Children's Computation of Implicatures

Abstract

This article maybe used for research, teaching and private study purposes. Any substantial or systematic reproduction, redistribution , reselling , loan or sub-licensing, systematic supply or distribution in any form to anyone is expressly forbidden. The publisher does not give any warranty express or implied or make any representation that the contents will be complete or accurate or up to date. The accuracy of any instructions, formulae and drug doses should be independently verified with primary sources. The publisher shall not be liable for any loss, actions, claims, proceedings, demand or costs or damages whatsoever or howsoever caused arising directly or indirectly in connection with or arising out of the use of this material. 1. INTRODUCTION This article focuses on a familiar kind of conversational implicature known as scalar implicature (SI): (1) A: Do you like California wines? B: I like some of them. Implicature: B doesn't like all California wines. Even though some is semantically compatible with all, it is used in (1) to communicate " some but not all. " According to the traditional Gricean account of such examples , given that B could have used a more informative term (all) and as it would have been relevant to use all if it were true, A is entitled to infer that B is not, in fact, in a position to offer a statement containing all—most probably because such a statement is not true. Similar interpretations arise with logical con-nectives (" A or B " ® not A and B), modals (" possibly x " ® not certainly x), and a variety of other terms that can be seen to fall on an informational scale (see Grice Meroni, Chierchia, and Guasti (2001) discovered that, in scenarios that made a statement containing the stronger term on a scale true (e.g., " Every boy chose a skateboard and a bike "), 5-year-old children—unlike adults—failed to reject a statement containing a weaker scalar term (e.g., " Every boy chose a skateboard or a bike "). In a related set of studies, Noveck (2001) found that 7-to 9-year-old children are more likely than adults to accept statements such as " Some giraffes have long necks, " again presumably because they fail to generate the implicature Not all giraffes have long necks (cf. also Braine and Rumain (1981), Smith (1980)). More recent work by Papafragou and Musolino (2003) showed that children's performance with implicatures …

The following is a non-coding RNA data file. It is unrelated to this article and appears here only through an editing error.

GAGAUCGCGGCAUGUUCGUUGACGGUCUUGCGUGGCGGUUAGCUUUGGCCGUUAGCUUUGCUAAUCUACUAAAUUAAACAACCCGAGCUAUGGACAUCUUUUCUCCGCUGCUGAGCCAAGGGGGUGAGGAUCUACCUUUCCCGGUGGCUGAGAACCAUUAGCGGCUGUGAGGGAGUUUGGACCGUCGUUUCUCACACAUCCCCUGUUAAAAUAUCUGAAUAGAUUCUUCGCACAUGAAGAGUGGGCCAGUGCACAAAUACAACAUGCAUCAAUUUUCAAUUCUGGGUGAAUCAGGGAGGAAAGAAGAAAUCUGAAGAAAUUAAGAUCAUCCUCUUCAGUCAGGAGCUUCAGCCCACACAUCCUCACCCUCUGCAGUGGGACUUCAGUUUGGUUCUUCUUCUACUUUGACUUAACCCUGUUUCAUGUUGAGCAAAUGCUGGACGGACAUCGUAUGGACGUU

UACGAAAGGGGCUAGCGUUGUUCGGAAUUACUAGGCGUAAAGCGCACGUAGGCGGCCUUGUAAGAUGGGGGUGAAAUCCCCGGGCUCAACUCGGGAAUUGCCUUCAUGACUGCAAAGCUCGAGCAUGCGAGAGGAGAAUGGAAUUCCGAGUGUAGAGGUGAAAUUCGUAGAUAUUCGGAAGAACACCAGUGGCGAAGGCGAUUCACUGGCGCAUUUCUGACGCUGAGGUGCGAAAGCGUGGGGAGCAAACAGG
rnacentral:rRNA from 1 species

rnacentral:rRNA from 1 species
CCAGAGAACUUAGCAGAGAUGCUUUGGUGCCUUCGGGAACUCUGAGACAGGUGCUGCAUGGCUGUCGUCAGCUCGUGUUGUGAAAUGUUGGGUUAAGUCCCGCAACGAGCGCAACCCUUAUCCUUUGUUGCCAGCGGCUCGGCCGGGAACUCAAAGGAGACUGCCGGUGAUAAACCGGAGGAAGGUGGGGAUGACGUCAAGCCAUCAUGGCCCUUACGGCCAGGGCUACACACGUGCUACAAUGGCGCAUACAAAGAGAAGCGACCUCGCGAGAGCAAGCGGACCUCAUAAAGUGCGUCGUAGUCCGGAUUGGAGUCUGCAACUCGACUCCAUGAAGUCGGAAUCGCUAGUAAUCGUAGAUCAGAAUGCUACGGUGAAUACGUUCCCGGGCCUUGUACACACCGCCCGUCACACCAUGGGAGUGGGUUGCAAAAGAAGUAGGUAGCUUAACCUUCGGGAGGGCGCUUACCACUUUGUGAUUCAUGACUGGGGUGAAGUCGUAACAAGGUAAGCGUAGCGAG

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@inproceedings{Papafragou2004ChildrensCO, title={Children's Computation of Implicatures}, author={Anna Papafragou and Niki Tantalou}, year={2004} }